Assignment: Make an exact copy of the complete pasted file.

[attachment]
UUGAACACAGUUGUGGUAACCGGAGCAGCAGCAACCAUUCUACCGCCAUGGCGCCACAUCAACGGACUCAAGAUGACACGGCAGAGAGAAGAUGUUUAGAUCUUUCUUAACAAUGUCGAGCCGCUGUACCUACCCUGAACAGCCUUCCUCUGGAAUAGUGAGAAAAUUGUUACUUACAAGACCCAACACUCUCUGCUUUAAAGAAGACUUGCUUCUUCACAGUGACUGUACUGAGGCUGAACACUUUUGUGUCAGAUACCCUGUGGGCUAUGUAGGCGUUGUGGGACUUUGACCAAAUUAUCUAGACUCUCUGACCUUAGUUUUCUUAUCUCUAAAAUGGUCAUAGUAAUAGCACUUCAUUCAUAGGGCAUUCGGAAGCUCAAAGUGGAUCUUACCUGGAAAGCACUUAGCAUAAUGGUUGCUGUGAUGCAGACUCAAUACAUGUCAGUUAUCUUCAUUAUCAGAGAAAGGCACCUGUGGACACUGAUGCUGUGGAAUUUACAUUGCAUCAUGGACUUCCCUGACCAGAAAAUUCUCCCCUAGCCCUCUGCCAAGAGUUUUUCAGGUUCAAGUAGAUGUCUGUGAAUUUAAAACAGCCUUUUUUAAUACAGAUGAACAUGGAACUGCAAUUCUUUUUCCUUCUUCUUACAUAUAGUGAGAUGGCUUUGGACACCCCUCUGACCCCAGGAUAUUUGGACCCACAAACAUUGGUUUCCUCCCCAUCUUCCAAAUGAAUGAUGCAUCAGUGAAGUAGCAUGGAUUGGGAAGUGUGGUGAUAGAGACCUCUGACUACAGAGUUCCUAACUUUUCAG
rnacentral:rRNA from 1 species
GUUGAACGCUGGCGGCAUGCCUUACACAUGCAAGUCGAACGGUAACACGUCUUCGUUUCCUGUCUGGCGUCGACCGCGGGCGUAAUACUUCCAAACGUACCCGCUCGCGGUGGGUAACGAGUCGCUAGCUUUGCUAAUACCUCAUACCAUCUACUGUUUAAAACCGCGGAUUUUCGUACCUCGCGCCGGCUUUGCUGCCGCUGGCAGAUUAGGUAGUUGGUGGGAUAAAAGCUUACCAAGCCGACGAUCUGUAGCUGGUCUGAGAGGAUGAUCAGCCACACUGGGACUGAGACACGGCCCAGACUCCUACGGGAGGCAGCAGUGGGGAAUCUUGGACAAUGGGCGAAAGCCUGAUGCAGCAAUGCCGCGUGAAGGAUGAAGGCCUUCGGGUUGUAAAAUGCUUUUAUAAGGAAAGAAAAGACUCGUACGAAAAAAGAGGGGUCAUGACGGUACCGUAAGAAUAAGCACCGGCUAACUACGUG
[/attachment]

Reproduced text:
UUGAACACAGUUGUGGUAACCGGAGCAGCAGCAACCAUUCUACCGCCAUGGCGCCACAUCAACGGACUCAAGAUGACACGGCAGAGAGAAGAUGUUUAGAUCUUUCUUAACAAUGUCGAGCCGCUGUACCUACCCUGAACAGCCUUCCUCUGGAAUAGUGAGAAAAUUGUUACUUACAAGACCCAACACUCUCUGCUUUAAAGAAGACUUGCUUCUUCACAGUGACUGUACUGAGGCUGAACACUUUUGUGUCAGAUACCCUGUGGGCUAUGUAGGCGUUGUGGGACUUUGACCAAAUUAUCUAGACUCUCUGACCUUAGUUUUCUUAUCUCUAAAAUGGUCAUAGUAAUAGCACUUCAUUCAUAGGGCAUUCGGAAGCUCAAAGUGGAUCUUACCUGGAAAGCACUUAGCAUAAUGGUUGCUGUGAUGCAGACUCAAUACAUGUCAGUUAUCUUCAUUAUCAGAGAAAGGCACCUGUGGACACUGAUGCUGUGGAAUUUACAUUGCAUCAUGGACUUCCCUGACCAGAAAAUUCUCCCCUAGCCCUCUGCCAAGAGUUUUUCAGGUUCAAGUAGAUGUCUGUGAAUUUAAAACAGCCUUUUUUAAUACAGAUGAACAUGGAACUGCAAUUCUUUUUCCUUCUUCUUACAUAUAGUGAGAUGGCUUUGGACACCCCUCUGACCCCAGGAUAUUUGGACCCACAAACAUUGGUUUCCUCCCCAUCUUCCAAAUGAAUGAUGCAUCAGUGAAGUAGCAUGGAUUGGGAAGUGUGGUGAUAGAGACCUCUGACUACAGAGUUCCUAACUUUUCAG
rnacentral:rRNA from 1 species
GUUGAACGCUGGCGGCAUGCCUUACACAUGCAAGUCGAACGGUAACACGUCUUCGUUUCCUGUCUGGCGUCGACCGCGGGCGUAAUACUUCCAAACGUACCCGCUCGCGGUGGGUAACGAGUCGCUAGCUUUGCUAAUACCUCAUACCAUCUACUGUUUAAAACCGCGGAUUUUCGUACCUCGCGCCGGCUUUGCUGCCGCUGGCAGAUUAGGUAGUUGGUGGGAUAAAAGCUUACCAAGCCGACGAUCUGUAGCUGGUCUGAGAGGAUGAUCAGCCACACUGGGACUGAGACACGGCCCAGACUCCUACGGGAGGCAGCAGUGGGGAAUCUUGGACAAUGGGCGAAAGCCUGAUGCAGCAAUGCCGCGUGAAGGAUGAAGGCCUUCGGGUUGUAAAAUGCUUUUAUAAGGAAAGAAAAGACUCGUACGAAAAAAGAGGGGUCAUGACGGUACCGUAAGAAUAAGCACCGGCUAACUACGUG